The euro fell against the dollar as a result of several factors
In general, the euro has lost its advantage against the dollar since the last major economic crisis in 2008 when the latter approached 1.6 dollars for 1 euro. Since the health crisis and more specifically since January 2021, the euro has started to fall sharply and recently fell close to parity with the dollar. Thus, the lack of confidence in the European currency is causing investors to switch to the US currency. But for what reasons?
From a structural point of view
The two currencies, the euro and the dollar, are closely related due to their history, their respective economies, and their geopolitical status. Each stems from two large, powerful and influential regions, yet the dollar has distinguished itself for decades as the remaining master of the exchanges. Indeed, during the third quarter of 2018, according to Orobel, the dollar represented about 62% of all known foreign exchange reserves of central banks. About 580 billion dollars in banknotes are used outside the country. Another telling number, 40% of the world’s debt is denominated in dollars. American hegemony at the monetary and, consequently, financial level has been proven. It allows the United States to encourage many countries to follow its policy and that of the Federal Reserve.
When successive crises hit, the dollar emerged as a safe haven at the expense of the euro. Thus, the euro reached critical levels three times, that is, close to parity with the dollar. These periods can be observed in 2003 at its creation, in December 2016 / January 2017 and today. During these episodes one can notice that the euro is being exchanged for $1.05. Therefore, it is unusual to see the euro weigh so little against the dollar. The reasons are many.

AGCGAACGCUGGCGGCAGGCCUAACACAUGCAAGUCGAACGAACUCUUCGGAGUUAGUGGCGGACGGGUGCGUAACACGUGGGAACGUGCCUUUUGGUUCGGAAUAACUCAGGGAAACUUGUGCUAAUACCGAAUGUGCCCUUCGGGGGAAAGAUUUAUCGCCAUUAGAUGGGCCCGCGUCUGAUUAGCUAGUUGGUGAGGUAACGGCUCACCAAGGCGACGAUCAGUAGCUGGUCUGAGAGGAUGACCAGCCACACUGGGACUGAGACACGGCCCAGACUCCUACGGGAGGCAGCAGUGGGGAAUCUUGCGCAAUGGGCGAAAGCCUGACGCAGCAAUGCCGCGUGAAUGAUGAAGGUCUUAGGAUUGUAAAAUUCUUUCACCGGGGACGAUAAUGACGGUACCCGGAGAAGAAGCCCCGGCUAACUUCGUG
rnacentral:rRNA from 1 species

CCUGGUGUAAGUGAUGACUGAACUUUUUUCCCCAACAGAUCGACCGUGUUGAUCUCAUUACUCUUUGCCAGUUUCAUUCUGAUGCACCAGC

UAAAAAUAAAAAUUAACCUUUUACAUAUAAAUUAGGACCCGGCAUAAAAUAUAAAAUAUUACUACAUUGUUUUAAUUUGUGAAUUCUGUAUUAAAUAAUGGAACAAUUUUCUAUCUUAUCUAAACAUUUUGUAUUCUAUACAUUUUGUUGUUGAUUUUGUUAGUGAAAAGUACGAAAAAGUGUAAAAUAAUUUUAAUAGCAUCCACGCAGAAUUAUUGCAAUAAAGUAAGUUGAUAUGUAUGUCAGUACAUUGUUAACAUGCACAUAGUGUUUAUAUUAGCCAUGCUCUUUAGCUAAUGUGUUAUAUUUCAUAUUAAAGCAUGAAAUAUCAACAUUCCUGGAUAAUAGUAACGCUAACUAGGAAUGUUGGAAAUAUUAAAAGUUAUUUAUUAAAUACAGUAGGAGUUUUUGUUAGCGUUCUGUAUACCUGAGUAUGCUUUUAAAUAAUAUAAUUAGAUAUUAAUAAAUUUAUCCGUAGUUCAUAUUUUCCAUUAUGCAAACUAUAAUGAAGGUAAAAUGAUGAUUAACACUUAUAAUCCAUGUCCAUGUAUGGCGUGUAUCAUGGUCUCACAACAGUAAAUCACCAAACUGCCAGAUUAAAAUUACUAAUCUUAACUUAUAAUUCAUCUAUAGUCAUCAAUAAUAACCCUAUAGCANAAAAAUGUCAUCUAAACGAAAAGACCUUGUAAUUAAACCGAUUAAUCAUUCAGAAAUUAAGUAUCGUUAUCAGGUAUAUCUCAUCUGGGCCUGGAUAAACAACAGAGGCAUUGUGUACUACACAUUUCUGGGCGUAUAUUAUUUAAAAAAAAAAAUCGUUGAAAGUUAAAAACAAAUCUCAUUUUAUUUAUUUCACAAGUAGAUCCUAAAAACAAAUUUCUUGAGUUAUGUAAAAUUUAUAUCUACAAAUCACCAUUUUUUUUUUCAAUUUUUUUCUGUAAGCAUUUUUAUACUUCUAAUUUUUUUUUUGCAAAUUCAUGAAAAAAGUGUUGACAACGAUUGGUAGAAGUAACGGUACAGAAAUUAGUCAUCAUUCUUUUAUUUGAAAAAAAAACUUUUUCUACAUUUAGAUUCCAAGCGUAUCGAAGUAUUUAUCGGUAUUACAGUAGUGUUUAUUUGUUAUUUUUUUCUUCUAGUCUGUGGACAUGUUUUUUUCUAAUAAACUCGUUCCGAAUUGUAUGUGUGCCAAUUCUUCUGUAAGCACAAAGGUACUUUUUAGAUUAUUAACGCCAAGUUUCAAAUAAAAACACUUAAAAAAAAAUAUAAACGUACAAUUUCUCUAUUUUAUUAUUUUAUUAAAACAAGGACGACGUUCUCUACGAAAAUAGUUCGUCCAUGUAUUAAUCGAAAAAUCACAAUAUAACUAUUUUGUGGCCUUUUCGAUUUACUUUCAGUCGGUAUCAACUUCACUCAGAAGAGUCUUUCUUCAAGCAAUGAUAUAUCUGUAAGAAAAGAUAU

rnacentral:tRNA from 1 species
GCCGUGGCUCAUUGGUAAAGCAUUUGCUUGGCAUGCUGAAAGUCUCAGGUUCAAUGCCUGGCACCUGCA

First of all, remember that the US economy is doing much better than the Eurozone. In 2021, US GDP rose 5.7%, its best performance in 37 years, versus 5.2% for the European Union. The world’s largest corporations are located in the United States, international finance is still largely dominated by Uncle Sam’s country, and with the dollar, although its influence wanes, the Fed is flying and shining in global currency markets. Thus, between 62 and 65% of the world’s foreign exchange reserves are in dollars versus only 20% in the euro – a historical phenomenon as well, especially for energy. In terms of transactions, more than half are made in dollars. This first point gives the US dollar a definite advantage.
When the health crisis hit the world, the US economy has generally held up much better. Ouest-France wrote: “Bloomberg News recently published the latest edition of its ranking of countries most resilient to the Covid-19 pandemic. These are the countries best able to contain the health crisis while limiting disruption to economic and social life.” Uncle Sam’s country finds itself at number one and only three European countries in the top ten. In addition, the US unemployment rate is currently lower than in Europe, although it reached 15% during the crisis, compared to 8% for the euro. region. So the market dynamics are in favor of the US and therefore the dollar.